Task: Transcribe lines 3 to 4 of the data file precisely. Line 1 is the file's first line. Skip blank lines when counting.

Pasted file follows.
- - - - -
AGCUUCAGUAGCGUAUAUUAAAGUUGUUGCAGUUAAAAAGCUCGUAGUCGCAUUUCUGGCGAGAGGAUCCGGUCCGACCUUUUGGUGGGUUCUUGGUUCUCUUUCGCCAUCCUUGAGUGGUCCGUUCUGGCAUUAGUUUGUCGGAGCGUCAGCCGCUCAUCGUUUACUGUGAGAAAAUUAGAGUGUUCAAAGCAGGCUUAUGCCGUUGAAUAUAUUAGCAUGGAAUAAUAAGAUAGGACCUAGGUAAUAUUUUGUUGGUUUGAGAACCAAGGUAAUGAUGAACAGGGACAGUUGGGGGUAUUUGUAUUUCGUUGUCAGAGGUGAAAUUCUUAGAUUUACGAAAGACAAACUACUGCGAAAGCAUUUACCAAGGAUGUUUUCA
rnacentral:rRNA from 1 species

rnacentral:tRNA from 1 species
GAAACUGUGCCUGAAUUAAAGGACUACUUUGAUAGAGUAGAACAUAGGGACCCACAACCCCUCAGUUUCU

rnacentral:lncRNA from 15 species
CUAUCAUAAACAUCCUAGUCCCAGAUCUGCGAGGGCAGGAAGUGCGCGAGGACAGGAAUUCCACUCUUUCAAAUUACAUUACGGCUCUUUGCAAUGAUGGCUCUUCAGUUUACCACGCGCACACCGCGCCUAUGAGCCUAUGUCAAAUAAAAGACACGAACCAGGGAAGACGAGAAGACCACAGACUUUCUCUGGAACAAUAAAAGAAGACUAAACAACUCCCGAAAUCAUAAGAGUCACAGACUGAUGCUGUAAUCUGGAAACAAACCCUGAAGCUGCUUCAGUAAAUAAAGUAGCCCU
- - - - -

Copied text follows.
rnacentral:tRNA from 1 species
GAAACUGUGCCUGAAUUAAAGGACUACUUUGAUAGAGUAGAACAUAGGGACCCACAACCCCUCAGUUUCU